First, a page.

I’m Hobby Hunting

I can feel you rolling your eyes as you read this. If you’ve been around this page long enough, you’ve heard me threaten to find a hobby over and over (and over) again. I was a competitive dancer growing up and I had aspirations of a dance career. Back then, my only real hobby involved pink tights and a lot of hairspray. I never played sports or crafted or any other thing that could keep a kid busy. 

After my time on the college dance team, I took an occasional dance class wherever I worked as a reporter. I had a punch card at the Broadway Dance Center during our time in New York City.  Once kids came along, I just never got around to finding local classes.  

Life Happens

I do know my life would be better and more fulfilling if I had a hobby of my very own. Since I’ve devoted this month to documenting my mental health focus I have to fess up:

Life has taken over and I fear I’ve become one of those people whose hobby is their kids. 

The definition of a hobby is, “an activity done regularly in one’s leisure time for pleasure” so yeah … my kids became my hobby. 

I’ve allowed their sports and academics and social lives to fill most of my time when I’m not working. I do it happily (most times) because I know that this part of my life will go so, so quickly.  Lola will have her license next year and I predict we won’t see much of her after that. This time in the car is our quality time, believe it or not. I’m not wishing it away. 

But when all the school and doctor’s paperwork asks, “What are your hobbies?” I have ZERO things to write on that line.  Of course, I have friends, a wonderful marriage, and a job I love, but what is something, literally anything, that provides an escape. 

So here I am, once again, making a declaration: I’m going to find a freaking hobby.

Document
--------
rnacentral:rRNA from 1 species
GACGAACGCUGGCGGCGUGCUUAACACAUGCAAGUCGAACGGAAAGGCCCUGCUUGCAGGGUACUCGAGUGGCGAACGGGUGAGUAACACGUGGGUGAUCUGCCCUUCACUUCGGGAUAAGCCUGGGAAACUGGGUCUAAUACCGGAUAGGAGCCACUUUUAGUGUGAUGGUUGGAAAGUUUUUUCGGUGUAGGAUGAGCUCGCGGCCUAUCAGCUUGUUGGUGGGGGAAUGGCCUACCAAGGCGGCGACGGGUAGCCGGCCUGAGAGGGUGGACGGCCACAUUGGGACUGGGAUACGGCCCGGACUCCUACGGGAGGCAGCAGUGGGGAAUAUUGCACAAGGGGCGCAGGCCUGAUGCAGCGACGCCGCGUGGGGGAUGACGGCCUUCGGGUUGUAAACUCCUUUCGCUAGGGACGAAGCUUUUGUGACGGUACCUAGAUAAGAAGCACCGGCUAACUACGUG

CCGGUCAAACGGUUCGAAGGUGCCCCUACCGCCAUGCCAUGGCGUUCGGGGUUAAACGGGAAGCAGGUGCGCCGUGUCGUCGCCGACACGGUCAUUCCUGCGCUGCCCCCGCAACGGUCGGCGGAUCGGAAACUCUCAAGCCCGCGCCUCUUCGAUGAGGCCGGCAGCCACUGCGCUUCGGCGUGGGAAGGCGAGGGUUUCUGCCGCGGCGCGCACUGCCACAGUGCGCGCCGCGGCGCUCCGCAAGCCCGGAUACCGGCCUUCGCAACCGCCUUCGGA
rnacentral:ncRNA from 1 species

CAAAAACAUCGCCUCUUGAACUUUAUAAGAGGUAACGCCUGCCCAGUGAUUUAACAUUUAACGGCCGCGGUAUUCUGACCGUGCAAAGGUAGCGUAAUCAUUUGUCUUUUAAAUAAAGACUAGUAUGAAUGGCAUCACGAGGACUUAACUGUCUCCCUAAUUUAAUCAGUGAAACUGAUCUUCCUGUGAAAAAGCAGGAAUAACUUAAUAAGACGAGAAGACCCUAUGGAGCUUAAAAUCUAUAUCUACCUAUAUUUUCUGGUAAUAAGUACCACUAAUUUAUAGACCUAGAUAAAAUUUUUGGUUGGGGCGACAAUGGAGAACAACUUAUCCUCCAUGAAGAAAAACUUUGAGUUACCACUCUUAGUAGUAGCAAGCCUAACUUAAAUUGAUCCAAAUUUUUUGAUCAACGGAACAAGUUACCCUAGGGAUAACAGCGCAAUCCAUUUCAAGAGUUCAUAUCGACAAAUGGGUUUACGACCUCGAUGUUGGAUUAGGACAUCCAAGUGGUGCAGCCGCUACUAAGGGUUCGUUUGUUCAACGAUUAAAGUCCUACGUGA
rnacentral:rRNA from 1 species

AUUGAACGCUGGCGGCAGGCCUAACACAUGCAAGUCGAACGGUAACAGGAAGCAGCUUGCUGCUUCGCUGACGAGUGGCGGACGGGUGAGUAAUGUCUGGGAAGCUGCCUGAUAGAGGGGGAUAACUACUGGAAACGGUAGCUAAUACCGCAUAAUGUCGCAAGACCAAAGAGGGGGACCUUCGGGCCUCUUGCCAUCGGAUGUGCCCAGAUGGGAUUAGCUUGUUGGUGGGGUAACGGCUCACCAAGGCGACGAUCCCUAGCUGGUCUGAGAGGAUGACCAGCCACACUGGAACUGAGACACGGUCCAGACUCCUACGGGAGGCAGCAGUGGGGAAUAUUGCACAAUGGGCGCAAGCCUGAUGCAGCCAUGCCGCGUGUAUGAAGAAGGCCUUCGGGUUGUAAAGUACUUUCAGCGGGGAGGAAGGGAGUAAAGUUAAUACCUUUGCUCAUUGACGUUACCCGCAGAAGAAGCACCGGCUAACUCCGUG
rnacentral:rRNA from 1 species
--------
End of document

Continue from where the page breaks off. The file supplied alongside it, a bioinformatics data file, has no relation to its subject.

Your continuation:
Competitive Kim 

I know enough about myself to know it should be something non-competitive. 

I have loved playing pickleball but I get a little twinge when I lose (and I mostly lose). I haven’t devoted enough time to the sport to get a lesson, but if I did, I could see myself getting obsessed. 

Here’s the thing about your friend Kim, I am bizarrely competitive. We were on The Amazing Race and I didn’t even tell the producers how much we prepared. I knew we were never going to be the most physically capable team so I devoted every spare moment to research, memorizing flags, and refreshing my high school Spanish. I guess you could say getting ready for that race became my hobby. I loved the preparation for the race, but the race itself was panic inducing. 

If I tried to make running or something like pickleball my hobby, I could see myself routinely disappointed. It’s my least favorite part of myself, but I hate losing and I don’t want to inflict that feeling on myself for something that’s supposed to be fun. 

Don’t get me wrong, I will still play pickleball. But there’s the thing: If I don’t try with practice and lessons, then it’s FINE if I fail. I’ll have an excuse. 

I know, I know, I know. This way of thinking is basically job security for my therapist. 

First Up

So here I am with the first hobby I’m auditioning. Ready?


I have a friend who is a talented needlepointer and works at a wonderful local store. She set me up with basic supplies and a little lesson. So far, I can report that I’m terrible but it’s lots of fun. 

The wrist surgery delayed my progress but now I’m back at it. 

I love keeping my hands busy at night, especially when I would just be scrolling mindlessly.

I love the act of creating something that didn’t exist before. 

I love learning something new if I suck at it.

I love that it’s not a contest! Sure, others sell their creations for big profits, but I don’t have aspirations other than making something I can look at with pride. 

It will probably take me six months to finish this first piece. But look at me! I have a new hobby!

What else should I try?  What are your favorite hobbies?

Talk soon,